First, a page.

Lactated Ringer’s is a sterile solution that is used to replace fluid lost by the body. It is commonly used for fluid resuscitation, meaning that the patient needs aggressive fluid replacement for their injury or illness. Lactated Ringer’s looks like water, but it contains additives including calcium, potassium, lactate, sodium and chloride.
Lactated Ringer’s is also known as LR, Ringer’s Lactate and Ringer’s.
Why Is it Called Lactated Ringer’s?
In the late 1800s. a physician named Sydney Ringer developed a solution that contained calcium, potassium, sodium and chloride in water. The solution was referred to as “Ringer’s,” after its inventor.
Years later, a physician named Alexis Hartmann determined that adding lactate to the solution made it more suitable for pediatric patients. With the addition of lactate, the solution became known as “Lactated Ringer’s.”
Why Is Lactated Ringer’s Used?
Lactated Ringer’s is typically used to replace lost fluid, blood, or both. Due to the sodium content, it is typically not used as an ongoing fluid replacement, but instead is frequently used when large volumes of fluid must be given, known as fluid resuscitation.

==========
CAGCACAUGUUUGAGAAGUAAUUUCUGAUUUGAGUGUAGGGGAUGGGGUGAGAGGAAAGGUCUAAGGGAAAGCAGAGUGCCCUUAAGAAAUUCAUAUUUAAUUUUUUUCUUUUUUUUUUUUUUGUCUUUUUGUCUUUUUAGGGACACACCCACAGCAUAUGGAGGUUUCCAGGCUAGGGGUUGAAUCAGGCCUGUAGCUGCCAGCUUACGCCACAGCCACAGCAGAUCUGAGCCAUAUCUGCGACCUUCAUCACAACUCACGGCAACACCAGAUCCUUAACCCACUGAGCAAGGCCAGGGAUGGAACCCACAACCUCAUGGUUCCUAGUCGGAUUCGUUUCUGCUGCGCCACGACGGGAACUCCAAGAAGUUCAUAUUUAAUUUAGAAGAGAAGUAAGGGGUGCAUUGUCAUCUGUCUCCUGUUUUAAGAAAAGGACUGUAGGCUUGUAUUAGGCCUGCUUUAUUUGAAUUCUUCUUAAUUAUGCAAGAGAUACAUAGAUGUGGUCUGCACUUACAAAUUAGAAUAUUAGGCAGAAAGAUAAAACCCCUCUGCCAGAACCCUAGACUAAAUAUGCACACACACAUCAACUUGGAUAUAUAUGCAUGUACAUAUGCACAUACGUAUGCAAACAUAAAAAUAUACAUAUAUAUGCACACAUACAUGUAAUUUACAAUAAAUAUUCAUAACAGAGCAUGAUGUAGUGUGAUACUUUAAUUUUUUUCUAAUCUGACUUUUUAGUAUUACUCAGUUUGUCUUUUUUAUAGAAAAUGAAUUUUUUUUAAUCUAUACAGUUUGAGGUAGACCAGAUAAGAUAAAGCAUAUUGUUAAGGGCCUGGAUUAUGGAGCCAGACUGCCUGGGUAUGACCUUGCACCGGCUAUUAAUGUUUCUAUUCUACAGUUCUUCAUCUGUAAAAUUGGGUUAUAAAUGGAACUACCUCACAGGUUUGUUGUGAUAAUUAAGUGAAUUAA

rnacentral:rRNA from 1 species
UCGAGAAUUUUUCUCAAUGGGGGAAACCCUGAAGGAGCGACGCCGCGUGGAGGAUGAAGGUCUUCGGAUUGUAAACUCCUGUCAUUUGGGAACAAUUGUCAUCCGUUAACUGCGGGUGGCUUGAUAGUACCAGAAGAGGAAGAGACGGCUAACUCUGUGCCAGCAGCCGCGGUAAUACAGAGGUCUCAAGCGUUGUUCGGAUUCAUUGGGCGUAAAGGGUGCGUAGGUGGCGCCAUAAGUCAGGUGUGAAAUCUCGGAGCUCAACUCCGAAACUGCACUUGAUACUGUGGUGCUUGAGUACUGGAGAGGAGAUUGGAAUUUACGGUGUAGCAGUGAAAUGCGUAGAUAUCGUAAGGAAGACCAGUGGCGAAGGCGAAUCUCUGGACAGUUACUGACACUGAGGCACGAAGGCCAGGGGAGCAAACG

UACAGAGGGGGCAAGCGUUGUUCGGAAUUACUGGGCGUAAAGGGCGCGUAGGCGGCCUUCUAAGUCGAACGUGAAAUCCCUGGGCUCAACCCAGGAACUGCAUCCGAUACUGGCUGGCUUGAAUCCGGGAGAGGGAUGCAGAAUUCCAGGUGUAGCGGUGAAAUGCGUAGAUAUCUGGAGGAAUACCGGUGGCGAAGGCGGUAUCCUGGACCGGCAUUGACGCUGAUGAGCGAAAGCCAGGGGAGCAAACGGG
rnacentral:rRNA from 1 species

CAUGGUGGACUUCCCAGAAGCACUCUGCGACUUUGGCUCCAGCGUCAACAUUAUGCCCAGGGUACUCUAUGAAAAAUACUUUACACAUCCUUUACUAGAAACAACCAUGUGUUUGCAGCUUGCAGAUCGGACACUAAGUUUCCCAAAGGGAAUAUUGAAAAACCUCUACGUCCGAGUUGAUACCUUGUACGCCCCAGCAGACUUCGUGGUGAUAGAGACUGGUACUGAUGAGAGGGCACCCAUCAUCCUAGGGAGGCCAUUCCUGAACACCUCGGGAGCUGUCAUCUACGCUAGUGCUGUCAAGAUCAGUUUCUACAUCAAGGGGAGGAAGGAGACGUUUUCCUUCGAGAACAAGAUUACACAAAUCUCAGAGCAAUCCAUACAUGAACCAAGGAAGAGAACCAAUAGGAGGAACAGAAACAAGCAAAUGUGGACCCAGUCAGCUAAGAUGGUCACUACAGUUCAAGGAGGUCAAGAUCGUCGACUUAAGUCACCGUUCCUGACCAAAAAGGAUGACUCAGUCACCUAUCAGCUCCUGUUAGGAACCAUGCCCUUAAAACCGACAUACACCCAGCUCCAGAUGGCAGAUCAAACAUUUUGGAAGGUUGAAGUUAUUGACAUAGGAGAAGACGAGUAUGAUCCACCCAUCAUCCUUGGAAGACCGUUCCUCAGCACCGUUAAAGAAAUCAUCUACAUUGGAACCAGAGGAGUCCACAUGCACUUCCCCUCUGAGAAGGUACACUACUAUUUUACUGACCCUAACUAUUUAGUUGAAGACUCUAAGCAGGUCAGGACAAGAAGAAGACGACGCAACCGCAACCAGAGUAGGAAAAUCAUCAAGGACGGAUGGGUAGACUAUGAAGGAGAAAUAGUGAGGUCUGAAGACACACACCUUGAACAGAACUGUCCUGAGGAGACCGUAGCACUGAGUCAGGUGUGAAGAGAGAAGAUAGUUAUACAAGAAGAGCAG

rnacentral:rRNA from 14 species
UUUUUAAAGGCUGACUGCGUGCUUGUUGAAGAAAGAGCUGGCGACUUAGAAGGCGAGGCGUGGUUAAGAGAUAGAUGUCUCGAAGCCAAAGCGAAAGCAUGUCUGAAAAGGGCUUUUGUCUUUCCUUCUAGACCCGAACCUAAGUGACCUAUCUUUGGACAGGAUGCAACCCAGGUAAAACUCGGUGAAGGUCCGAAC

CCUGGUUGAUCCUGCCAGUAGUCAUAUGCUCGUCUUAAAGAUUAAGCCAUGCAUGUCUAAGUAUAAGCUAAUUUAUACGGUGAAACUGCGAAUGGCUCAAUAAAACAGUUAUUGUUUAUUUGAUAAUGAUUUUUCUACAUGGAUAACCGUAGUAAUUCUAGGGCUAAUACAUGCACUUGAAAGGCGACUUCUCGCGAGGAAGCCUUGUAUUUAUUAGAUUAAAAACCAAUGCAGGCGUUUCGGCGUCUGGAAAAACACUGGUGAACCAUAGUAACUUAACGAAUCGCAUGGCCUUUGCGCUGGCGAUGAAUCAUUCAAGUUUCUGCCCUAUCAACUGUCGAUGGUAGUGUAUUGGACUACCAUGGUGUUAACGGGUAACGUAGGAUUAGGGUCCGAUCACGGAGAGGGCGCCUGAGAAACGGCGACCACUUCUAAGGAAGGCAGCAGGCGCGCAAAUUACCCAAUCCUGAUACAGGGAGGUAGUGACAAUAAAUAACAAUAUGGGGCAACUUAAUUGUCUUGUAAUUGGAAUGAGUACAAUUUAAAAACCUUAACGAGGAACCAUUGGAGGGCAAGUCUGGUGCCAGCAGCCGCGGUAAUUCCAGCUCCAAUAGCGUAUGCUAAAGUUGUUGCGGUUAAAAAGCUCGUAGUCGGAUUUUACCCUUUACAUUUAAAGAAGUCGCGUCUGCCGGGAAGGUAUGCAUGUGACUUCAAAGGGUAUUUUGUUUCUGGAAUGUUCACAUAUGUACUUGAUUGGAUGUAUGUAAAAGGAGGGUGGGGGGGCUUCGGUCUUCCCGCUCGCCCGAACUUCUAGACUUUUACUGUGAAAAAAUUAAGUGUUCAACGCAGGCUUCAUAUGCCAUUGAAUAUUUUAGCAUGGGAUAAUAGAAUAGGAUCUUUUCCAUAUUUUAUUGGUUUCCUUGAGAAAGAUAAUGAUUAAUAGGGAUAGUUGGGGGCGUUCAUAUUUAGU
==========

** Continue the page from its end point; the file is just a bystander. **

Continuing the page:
Severe burns, trauma, significant blood loss, and severe fluid loss (caused by dehydration, surgery or other problems) are just some of the cases in which Lactated Ringer's is given.
Small amounts of Lactated Ringer’s may be given as a maintenance IV, providing necessary fluids when a patient is unable to drink enough fluid to support their normal body functions.
How Is Lactated Ringer’s Given?
Lactated Ringer’s is given intravenously (through an IV), directly into the bloodstream.
Lactated Ringer’s. RxList.com http://www.rxlist.com/lactated-ringers-drug.htm